Max Holiday has a hard time standing still. Since moving to Milwaukee from Appleton in 2010, Holiday has self-recorded a handful of lo-fi garage-pop songs as Young Holidays, created a band around that name, dissolved said band, created a new pop project called Athletic Supply (briefly dubbed Bleach Athletixx), created an electronic and dance-focused one-man project called Mercury Drums, launched an all-encompassing label called Close Up of the Serene, and masterminded a monthly club night at Quarters called Precognition. The fact that Holiday is still in his early 20s makes his resume all the more impressive, and his future all the more full of possibility.
On Saturday, November 5, Holiday and cohorts Liquid City Motors (Will Mitchell) and MS 115 (Bobby Garvey) will celebrate the one-year anniversary of both Close Up of the Serene and Precognition at Quarters. The show will feature Chicago DJs Jarvi and Pollination Tech, Milwaukee DJs Asher Gray and Deep Freq, the Close Up DJs, and hosts NAGAP and Kari Oki. Milwaukee Record spoke to Holiday about the anniversary party, what separates Precognition from other club nights, and the challenges of promoting dance music in a garage-rock town.
Milwaukee Record: What keeps you so busy?
Max Holiday: I think exactly that, wanting to keep busy. This is what I do, this is what I do with my life. I didn’t go to college. This is the plan from years and years ago, to do exactly this. I’m super fortunate to have had people willing to listen, starting with Young Holidays. Young Holidays was such a great case of getting out there, getting shows, meeting people, recording music. I’m really not one to stick to an idea for any longer than feels completely necessary. I have a tendency to jump around from interest to interest.
The thing about Close Up is that…sometimes I feel sort of scattered. Close Up of the Serene is a really good opportunity to put everything under an umbrella, to put what myself and the people very close to me are doing all under one thing. This feels like something that will have some longevity.
MR: And you still have a more pop-focused live band with Athletic Supply, yes?
MH: With Athletic Supply, it’s really the same concept as Young Holidays. I usually like to have a band of my close friends that I bring to the pop songs I write. I still don’t really know why I sit down and work on music, and why I still write pop songs. But I do, and it works, and we have a blast playing. I always like to keep a live band playing, but the label gives me a lot of opportunities to do some art direction, to do a lot with booking, a lot behind the scenes stuff, and a lot more production.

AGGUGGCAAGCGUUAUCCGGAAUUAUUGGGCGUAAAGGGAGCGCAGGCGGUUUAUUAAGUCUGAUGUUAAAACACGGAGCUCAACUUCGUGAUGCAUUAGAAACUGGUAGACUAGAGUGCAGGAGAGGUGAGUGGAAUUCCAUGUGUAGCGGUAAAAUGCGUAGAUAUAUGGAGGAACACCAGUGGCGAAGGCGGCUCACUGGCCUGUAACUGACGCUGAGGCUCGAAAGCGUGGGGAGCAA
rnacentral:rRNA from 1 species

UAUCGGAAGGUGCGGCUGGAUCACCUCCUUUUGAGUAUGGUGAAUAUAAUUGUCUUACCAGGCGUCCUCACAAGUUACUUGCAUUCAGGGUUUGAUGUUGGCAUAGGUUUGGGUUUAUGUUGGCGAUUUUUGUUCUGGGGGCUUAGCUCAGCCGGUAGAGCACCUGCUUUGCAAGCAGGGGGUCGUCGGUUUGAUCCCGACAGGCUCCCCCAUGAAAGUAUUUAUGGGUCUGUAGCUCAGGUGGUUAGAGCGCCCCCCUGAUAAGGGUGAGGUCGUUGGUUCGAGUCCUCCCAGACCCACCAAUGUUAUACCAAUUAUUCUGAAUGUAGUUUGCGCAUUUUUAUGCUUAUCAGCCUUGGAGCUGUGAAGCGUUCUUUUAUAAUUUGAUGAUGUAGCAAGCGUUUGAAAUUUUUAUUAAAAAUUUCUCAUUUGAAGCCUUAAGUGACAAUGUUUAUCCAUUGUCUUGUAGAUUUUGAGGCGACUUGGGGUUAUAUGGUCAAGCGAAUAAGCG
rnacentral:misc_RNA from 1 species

MR: Do you see a lot of overlap between the rock and club scenes in Milwaukee? Maybe you’re that overlap?
MH: I think Milwaukee can sometimes feel like two different worlds. Milwaukee is such a garage-rock city, such a rock and roll city, such a guitar city, that if you pick up a guitar and play relatively short songs, people want to put it into a certain category. Whereas where we’re coming from might be a completely different world. Of course, I have a foot firmly planted in that stuff. I grew up in rock and roll and punk rock and new wave and everything like that. We’re coming from a certain world and we try to make that translate through Athletic Supply, and through the live show. We have a synthesizer bass, we have Mark [Stewart] on live drums, but we’re really keeping it pretty simple and Krautrock-y. Mark is actually leaving Athletic Supply, he’s really busy with GGOOLLDD, and we’re kind of doing different stuff. So we’re going to be taking the winter to regroup, revamp, overhaul everything, and probably come back in the spring with a drum machine and a sampler and delve more into that world than we have before.
A big thing about Close Up, and a big thing about what I do, is that try not to think about stuff like that and just think about quality. Good, underground-leaning music. I do try very hard to make things cross over. So putting out Athletic Supply releases on Close Up of the Serene is kind of my thing to put it all together. Let the people who are listening to us for the dance music and the electronic music hear Athletic Supply. And let the people who are coming for Athletic Supply and Mark’s project, Pharo, hear the dance records.
MR: Talk about the genesis of Close Up and Precognition. Weren’t they inspired by a fateful night at Quarters?
MH: A couple of years ago, Bobby and I indeed stumbled into Quarters, after only having lived here maybe a year. So Quarters was very new. We didn’t know what we were getting into. I didn’t know who was DJing and don’t know what it was, but it was so loud, so packed, there was a line out the door, and the music was so…it was that kind of party that you see in movies, that you dream about. It just really took us off guard.